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Biggert Provision in Water Resources Bill to Cut Anti-Asian Carp Costs for Illinois

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Location: Washington, DC


Biggert Provision in Water Resources Bill to Cut Anti-Asian Carp Costs for Illinois

The State of Illinois will be off the hook for anti-Asian Carp costs under a provision included in a water resources bill passed by the House on April 18 by a vote of 395 - 25. Based on H.R. 553, the Great Lakes Asian Carp Barrier Act, introduced by U.S. Representative Judy Biggert (R-IL-13), the provision was included in the Water Resources Development Act (WRDA), H.R. 1495, at Biggert's request.

Biggert's provision would require the federal government - not the State of Illinois - to cover costs related to the long-term operation and maintenance of the anti-Asian Carp dispersal barriers, saving the State of Illinois up to $1 million annually for the lifetime of the barriers. Located on the Chicago Sanitary and Ship Canal, the only aquatic link between the Mississippi River and the Great Lakes, the barriers are invisible electronic fences that repulse fish like the Asian carp.

"These barriers have environmental and economic benefits that reach far beyond the State of Illinois," Biggert said. "It's time for the federal government to bear a greater responsibility for this national - if not international - project. Funding should not rest solely on the shoulders of Illinois or any other Great Lakes state."

In 2002, the Corps began operating a temporary demonstration barrier, which was designed to last two or three years. The Corps currently is completing construction of a permanent barrier. Under current law, when the Corps has completed construction of the permanent barrier, the State of Illinois, as a local project sponsor, would be responsible for the operation and maintenance of the barrier.

At Biggert's request, the House Transportation and Infrastructure Committee included language in WRDA that would require the federal government to:

o Upgrade the original demonstration barrier to make it permanent;

o Operate and maintain both the demonstration and permanent barrier as a system; and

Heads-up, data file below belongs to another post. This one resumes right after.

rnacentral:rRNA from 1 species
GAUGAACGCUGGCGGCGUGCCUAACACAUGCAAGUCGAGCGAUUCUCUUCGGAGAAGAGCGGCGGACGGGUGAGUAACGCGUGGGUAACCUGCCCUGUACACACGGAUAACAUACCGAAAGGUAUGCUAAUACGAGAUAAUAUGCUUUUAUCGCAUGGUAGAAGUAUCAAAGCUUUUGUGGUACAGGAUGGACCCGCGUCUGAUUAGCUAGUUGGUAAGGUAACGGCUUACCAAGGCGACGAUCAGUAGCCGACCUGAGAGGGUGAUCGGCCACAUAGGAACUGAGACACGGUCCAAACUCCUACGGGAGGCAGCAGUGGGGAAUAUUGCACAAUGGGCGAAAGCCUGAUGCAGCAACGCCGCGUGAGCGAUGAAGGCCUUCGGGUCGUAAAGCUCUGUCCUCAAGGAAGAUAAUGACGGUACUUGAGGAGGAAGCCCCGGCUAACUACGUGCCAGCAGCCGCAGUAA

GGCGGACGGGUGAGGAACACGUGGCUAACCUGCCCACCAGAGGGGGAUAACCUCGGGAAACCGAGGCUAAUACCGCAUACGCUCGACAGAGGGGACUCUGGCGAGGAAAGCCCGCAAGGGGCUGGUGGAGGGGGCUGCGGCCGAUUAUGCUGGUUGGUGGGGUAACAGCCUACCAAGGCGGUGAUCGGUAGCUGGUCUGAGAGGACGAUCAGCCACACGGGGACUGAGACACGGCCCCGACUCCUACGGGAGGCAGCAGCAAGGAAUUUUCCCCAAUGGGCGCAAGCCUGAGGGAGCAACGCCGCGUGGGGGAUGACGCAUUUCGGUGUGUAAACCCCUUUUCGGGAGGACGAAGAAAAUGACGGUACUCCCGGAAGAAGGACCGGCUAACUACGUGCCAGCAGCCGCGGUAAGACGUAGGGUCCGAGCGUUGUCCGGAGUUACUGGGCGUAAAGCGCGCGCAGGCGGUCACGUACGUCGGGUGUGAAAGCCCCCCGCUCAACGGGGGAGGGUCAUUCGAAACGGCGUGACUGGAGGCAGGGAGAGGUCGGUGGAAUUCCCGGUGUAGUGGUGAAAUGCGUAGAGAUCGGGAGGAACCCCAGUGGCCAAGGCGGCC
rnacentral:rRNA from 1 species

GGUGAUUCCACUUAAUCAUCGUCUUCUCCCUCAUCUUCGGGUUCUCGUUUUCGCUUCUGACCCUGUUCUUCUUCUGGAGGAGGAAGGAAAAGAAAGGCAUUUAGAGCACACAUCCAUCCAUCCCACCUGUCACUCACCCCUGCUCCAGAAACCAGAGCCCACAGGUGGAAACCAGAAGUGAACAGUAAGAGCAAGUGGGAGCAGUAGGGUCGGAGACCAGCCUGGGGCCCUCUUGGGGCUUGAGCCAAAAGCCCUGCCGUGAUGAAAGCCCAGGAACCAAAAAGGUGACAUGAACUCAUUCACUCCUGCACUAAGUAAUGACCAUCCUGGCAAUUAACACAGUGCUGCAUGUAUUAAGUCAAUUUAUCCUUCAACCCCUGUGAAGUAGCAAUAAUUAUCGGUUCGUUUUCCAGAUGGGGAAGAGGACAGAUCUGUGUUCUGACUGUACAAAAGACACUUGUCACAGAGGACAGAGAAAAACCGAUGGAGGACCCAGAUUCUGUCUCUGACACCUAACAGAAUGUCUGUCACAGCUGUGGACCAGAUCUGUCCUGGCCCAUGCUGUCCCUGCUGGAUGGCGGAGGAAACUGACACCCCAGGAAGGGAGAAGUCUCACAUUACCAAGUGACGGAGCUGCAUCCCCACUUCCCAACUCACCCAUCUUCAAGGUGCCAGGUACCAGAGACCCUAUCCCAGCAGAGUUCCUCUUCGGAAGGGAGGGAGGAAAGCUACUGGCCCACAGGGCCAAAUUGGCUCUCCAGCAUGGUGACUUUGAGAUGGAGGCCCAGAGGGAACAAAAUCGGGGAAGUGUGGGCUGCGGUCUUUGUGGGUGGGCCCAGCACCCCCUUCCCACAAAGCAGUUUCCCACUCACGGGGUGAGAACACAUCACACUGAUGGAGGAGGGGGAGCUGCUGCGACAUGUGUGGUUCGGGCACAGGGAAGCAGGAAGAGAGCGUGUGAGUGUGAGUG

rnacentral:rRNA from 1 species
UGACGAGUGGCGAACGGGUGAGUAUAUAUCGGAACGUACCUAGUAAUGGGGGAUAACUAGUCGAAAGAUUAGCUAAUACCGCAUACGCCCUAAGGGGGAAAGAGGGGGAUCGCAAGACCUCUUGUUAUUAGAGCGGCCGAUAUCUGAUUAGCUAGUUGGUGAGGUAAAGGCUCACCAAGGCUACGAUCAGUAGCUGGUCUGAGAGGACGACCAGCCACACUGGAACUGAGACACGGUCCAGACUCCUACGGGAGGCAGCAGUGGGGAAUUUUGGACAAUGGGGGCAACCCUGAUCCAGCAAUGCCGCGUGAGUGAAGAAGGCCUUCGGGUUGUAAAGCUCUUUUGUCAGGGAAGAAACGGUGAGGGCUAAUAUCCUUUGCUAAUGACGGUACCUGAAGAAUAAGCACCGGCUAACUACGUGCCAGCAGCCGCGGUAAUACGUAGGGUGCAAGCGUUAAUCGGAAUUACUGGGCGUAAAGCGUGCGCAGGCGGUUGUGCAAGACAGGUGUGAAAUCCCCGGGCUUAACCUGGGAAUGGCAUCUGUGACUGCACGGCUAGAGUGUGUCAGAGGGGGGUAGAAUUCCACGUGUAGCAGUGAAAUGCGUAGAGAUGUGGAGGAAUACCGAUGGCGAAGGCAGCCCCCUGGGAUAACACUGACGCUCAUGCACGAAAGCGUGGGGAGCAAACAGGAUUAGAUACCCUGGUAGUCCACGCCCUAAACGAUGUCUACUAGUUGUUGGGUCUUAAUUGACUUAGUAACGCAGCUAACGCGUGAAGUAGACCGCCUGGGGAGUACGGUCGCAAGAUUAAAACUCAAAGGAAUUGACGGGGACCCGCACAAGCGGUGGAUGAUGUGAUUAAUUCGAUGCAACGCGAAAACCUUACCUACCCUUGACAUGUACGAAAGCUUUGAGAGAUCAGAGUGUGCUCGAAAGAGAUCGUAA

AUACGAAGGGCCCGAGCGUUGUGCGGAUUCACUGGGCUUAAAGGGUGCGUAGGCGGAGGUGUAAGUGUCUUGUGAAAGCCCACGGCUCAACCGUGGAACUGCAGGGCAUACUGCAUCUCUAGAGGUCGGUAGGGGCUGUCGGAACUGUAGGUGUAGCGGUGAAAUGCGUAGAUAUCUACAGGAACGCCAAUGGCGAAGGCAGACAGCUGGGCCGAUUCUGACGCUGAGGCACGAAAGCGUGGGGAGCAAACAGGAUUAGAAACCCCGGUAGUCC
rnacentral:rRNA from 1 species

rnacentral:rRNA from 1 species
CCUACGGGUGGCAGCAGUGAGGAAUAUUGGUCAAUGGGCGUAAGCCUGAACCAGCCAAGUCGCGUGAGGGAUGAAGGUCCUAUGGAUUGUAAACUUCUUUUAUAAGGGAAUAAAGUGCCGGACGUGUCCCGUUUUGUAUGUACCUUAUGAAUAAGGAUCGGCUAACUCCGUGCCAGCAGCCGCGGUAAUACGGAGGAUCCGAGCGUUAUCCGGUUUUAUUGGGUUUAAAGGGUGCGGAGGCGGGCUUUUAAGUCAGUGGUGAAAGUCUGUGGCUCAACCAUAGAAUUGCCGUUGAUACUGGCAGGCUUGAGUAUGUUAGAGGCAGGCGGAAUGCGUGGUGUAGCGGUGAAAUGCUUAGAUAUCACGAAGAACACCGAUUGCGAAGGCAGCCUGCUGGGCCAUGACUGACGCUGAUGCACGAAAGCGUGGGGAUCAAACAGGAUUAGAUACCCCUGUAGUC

o Study the full range of options and technologies available to prevent the inter-basin transfer of aquatic invasive species.

"When all is said and done, it simply makes sense to upgrade the existing demonstration barrier to provide redundant protection," said Biggert. "In the case of preventing invasive species from endangering the ecosystem of the Great Lakes, no precaution is too great."

Preying on and competing with native species for food, living space, and spawning areas, the voracious Asian Carp grow between 50 and 150 pounds, eat up to 40 percent of their body weight every day, and each female can carry up to a million eggs. The U.S. Fish and Wildlife Service has reported that an Asian Carp was spotted only 21 miles from the barrier. Currently, there are over 160 aquatic invasive species in the Great Lakes, and a new one is introduced every eight months on average.

"If the Asian Carp reach Lake Michigan and multiply in number," Biggert said, "They could devastate the ecosystem of the Great Lakes and endanger the multi-billion commercial fishing industry."

"We must do everything possible to keep Asian Carp and other invasive species out of the Great Lakes," said Bernie Hansen, U.S. Section Chair of the Great Lakes Fishery Commission. "Congresswoman Biggert's provision in the WRDA bill is essential to the future health of Lake Michigan and the entire Great Lakes basin. We applaud Mrs. Biggert for her hard work on the project and urge Congress to pass and fund this initiative as soon as possible."

H.R. 1495 is similar to WRDA legislation from the 109th Congress, H.R. 2864. In July 2005, H.R. 2864 passed the House by a vote of 406 - 14, and an amended version passed the Senate by voice vote in July of 2006. A House-Senate conference committee could not resolve differences between the two bills before the end of the 109th Congress.

In January, Biggert introduced another bill to protect the Great Lakes from Asian Carp. H.R. 83, the Asian Carp Prevention and Control Act, would add black, silver, and bighead species of carp to the list of species that are prohibited from importation or shipment in interstate commerce.


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